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Low borrowing costs and the desire for bigger properties during the pandemic have pushed home prices to record levels across the country.

Fred Lum/The Globe and Mail

The Governor of the Bank of Canada says there are signs of speculative behaviour in the country’s booming housing market and voiced concern over the pace of mortgage borrowing among highly indebted households.

Low borrowing costs and the desire for bigger properties during the pandemic have pushed home prices to record levels across the country, with smaller cities and suburbs seeing real estate values jump more than 30 per cent over the past year.

“While the resulting house-price increases are rooted in fundamentals, we are seeing some signs of extrapolative expectations and speculative behaviour,” Tiff Macklem said during a media conference call Wednesday to discuss the central bank’s scheduled monetary policy announcement.

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“Our concern ... is that against a background of rapid price increases, people will extrapolate. They will expect that those price increases will continue indefinitely and they will overstretch to buy houses. That would be a mistake,” he said.

With home prices and resales hitting record highs month after month and mortgage borrowing increasing at its highest level in years, federal policy makers have proposed incremental measures that could slow the market.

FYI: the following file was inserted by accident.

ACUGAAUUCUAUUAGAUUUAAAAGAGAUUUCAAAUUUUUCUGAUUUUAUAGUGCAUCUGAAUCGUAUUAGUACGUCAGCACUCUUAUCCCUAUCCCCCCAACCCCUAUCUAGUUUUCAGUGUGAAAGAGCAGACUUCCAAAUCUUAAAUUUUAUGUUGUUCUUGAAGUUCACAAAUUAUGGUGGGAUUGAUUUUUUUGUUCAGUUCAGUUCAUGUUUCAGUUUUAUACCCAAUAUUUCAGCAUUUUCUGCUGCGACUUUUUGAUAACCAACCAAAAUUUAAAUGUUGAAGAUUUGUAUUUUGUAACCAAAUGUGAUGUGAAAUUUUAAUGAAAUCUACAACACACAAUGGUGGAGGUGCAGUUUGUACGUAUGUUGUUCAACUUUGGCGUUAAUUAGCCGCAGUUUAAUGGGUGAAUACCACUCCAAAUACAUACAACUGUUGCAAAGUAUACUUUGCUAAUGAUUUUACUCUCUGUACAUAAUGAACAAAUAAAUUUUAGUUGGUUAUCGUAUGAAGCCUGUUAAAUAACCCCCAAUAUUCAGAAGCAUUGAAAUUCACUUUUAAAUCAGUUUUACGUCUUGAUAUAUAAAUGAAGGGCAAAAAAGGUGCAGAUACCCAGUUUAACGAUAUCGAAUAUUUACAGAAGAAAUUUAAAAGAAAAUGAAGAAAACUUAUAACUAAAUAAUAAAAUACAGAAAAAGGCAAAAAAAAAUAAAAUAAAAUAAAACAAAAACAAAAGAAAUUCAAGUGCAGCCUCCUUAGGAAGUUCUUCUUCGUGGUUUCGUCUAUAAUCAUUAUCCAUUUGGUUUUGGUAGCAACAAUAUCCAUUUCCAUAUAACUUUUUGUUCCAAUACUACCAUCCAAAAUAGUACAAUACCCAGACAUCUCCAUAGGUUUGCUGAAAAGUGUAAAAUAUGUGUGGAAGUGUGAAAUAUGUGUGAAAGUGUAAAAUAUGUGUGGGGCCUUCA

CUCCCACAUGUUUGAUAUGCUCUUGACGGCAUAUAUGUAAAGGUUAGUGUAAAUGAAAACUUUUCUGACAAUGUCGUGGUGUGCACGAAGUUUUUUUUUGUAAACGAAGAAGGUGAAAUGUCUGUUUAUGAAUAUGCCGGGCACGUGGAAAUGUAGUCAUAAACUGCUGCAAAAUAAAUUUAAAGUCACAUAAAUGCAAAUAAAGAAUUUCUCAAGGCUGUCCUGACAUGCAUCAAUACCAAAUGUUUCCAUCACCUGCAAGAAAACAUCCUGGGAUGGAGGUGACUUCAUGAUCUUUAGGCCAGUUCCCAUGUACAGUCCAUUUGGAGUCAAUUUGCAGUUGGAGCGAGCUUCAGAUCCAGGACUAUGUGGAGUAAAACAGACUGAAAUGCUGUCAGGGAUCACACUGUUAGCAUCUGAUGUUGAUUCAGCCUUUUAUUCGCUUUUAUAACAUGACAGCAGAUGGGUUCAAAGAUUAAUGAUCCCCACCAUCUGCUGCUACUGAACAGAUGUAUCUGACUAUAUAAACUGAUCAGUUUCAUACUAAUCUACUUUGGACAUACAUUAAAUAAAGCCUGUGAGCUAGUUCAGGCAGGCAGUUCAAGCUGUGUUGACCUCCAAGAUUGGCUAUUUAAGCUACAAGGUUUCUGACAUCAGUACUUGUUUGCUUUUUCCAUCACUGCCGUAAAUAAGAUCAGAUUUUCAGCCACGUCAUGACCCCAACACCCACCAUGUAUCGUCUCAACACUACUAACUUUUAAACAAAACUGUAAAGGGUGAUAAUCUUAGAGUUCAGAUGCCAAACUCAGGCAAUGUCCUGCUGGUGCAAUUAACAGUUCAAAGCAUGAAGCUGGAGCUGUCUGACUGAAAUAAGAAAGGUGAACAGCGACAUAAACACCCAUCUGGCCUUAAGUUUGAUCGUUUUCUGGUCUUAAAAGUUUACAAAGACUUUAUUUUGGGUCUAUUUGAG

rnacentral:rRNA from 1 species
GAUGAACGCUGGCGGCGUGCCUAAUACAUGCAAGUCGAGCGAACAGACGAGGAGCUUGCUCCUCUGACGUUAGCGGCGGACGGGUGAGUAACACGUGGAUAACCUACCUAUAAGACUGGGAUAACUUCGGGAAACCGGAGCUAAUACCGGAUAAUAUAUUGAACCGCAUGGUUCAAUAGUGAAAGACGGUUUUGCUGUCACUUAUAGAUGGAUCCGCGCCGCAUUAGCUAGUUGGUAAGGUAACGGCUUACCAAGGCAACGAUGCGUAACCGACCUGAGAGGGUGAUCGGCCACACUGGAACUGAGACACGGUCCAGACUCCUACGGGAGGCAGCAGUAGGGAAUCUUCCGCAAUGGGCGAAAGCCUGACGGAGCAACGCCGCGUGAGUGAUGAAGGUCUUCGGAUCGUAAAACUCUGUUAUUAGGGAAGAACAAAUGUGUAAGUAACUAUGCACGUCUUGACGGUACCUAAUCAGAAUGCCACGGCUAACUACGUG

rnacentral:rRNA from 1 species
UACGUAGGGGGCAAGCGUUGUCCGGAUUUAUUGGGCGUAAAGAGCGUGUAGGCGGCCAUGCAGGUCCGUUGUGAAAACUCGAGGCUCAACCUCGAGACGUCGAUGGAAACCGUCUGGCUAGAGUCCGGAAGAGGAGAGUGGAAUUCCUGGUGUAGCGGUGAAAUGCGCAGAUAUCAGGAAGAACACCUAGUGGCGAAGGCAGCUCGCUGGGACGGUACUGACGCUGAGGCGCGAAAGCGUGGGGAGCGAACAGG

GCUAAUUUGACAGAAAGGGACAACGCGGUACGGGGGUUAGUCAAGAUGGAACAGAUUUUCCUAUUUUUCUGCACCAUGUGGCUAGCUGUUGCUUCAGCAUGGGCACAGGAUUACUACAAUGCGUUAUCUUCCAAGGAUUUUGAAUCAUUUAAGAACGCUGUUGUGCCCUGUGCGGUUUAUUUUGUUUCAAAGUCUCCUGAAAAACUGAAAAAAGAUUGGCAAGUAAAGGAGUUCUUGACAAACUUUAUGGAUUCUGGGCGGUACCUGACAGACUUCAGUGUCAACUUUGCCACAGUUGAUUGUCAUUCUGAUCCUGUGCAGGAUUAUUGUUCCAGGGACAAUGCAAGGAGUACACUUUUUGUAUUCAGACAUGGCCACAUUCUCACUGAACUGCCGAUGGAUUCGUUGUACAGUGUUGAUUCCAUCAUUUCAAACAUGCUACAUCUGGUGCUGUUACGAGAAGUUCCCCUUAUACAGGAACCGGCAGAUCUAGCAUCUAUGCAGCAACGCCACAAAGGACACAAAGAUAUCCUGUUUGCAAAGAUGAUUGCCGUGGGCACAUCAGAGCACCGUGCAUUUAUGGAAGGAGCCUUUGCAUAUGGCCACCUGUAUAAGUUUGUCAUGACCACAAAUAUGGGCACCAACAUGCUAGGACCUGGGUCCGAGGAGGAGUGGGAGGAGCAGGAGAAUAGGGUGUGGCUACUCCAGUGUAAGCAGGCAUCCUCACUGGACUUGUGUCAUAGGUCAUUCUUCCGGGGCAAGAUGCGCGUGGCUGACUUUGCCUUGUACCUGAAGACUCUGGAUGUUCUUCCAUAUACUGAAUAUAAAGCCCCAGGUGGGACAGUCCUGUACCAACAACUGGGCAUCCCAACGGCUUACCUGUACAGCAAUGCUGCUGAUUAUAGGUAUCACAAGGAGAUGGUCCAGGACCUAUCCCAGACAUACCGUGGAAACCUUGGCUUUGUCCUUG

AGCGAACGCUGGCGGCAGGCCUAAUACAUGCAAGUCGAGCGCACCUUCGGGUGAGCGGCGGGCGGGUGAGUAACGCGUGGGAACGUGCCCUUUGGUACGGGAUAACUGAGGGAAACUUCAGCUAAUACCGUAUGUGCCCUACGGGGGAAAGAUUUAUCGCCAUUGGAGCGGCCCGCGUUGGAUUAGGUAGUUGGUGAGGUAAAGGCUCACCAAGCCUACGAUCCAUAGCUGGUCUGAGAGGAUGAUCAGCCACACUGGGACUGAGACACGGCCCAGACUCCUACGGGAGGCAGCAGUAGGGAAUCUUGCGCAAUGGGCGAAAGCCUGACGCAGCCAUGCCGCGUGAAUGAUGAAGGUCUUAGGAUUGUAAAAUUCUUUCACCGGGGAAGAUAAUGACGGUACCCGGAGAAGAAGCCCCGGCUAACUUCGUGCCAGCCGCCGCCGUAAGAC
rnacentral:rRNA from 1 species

Want to cool the housing market? Force banks to shoulder more risk

Canadian housing starts soar 21.6 per cent on month in March

Mr. Macklem said he supported the Canadian bank regulator’s plan to make it harder for borrowers to qualify for a mortgage, as well as Ottawa’s proposal to slap a 1-per-cent tax on vacant homes owned by foreigners.

The proposal from the Office of the Superintendent of Financial Institutions would effectively require borrowers to prove they can make their mortgage payments at an interest rate of 5.25 per cent, up from 4.79 per cent. (This would only apply to uninsured mortgages, or those where the borrower has put a minimum down payment of 20 per cent on the purchase price of the house.)

“When interest rates are unusually low, there is greater potential for them to eventually rise. And so by putting in this minimum, that will help protect borrowers and lenders from overstretching,” Mr. Macklem said.

In its Wednesday announcement, the Bank of Canada kept the benchmark interest rate at 0.25 per cent but said a potential rate hike could occur in the latter half of 2022 instead of 2023. The idea that the key interest rate would remain near zero until 2023 has given home buyers more confidence to borrow.

Mr. Macklem defended the bank’s decision to keep interest rates low, saying the bank needs to look at the whole economy, where employment is still well below prepandemic days. “Right now, the economy needs our support,” he said.

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In February, Mr. Macklem said the housing market was showing early signs of “excess exuberance,” though he also said it was not as hot as it was in Ontario and British Columbia in 2016 and 2017, when home prices in Vancouver and Toronto were rapidly increasing.

Now, home prices across the country are accelerating at the fastest pace on record and inventories are at their lowest level, according to Canadian Real Estate Association data.

Earlier in April, Bank of Canada staff issued a special housing-market report that examined vulnerabilities and showed that highly indebted households were borrowing at a faster pace.

“When you see people taking out bigger loans relative to their income, you worry that they might be overstretching,” Mr. Macklem said on Wednesday.

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